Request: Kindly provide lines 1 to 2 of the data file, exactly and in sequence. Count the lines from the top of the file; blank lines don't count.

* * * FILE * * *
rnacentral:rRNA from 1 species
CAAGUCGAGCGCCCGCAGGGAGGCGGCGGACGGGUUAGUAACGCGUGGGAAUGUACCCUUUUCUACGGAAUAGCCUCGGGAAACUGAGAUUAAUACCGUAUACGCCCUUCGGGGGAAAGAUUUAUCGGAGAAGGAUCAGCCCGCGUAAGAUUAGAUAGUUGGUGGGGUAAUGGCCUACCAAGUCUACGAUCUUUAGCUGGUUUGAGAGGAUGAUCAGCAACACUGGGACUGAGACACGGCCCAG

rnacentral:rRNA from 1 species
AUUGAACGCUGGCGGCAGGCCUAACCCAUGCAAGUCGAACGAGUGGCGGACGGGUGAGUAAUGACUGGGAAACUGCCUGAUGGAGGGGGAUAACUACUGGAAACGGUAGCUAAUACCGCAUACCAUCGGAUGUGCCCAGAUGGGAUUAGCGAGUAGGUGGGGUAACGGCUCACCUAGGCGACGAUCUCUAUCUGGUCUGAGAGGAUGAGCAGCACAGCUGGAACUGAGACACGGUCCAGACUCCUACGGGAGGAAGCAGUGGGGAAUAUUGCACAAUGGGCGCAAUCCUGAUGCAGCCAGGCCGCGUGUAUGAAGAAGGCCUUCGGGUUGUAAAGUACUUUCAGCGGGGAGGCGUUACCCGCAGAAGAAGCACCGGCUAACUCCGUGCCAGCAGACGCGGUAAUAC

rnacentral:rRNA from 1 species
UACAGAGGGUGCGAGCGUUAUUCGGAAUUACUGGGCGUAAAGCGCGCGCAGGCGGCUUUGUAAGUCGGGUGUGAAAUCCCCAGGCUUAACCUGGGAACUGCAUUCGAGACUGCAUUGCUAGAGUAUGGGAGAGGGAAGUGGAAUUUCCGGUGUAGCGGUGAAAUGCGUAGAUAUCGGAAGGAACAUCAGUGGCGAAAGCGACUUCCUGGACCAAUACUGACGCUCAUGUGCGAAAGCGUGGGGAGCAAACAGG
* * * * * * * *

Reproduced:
rnacentral:rRNA from 1 species
CAAGUCGAGCGCCCGCAGGGAGGCGGCGGACGGGUUAGUAACGCGUGGGAAUGUACCCUUUUCUACGGAAUAGCCUCGGGAAACUGAGAUUAAUACCGUAUACGCCCUUCGGGGGAAAGAUUUAUCGGAGAAGGAUCAGCCCGCGUAAGAUUAGAUAGUUGGUGGGGUAAUGGCCUACCAAGUCUACGAUCUUUAGCUGGUUUGAGAGGAUGAUCAGCAACACUGGGACUGAGACACGGCCCAG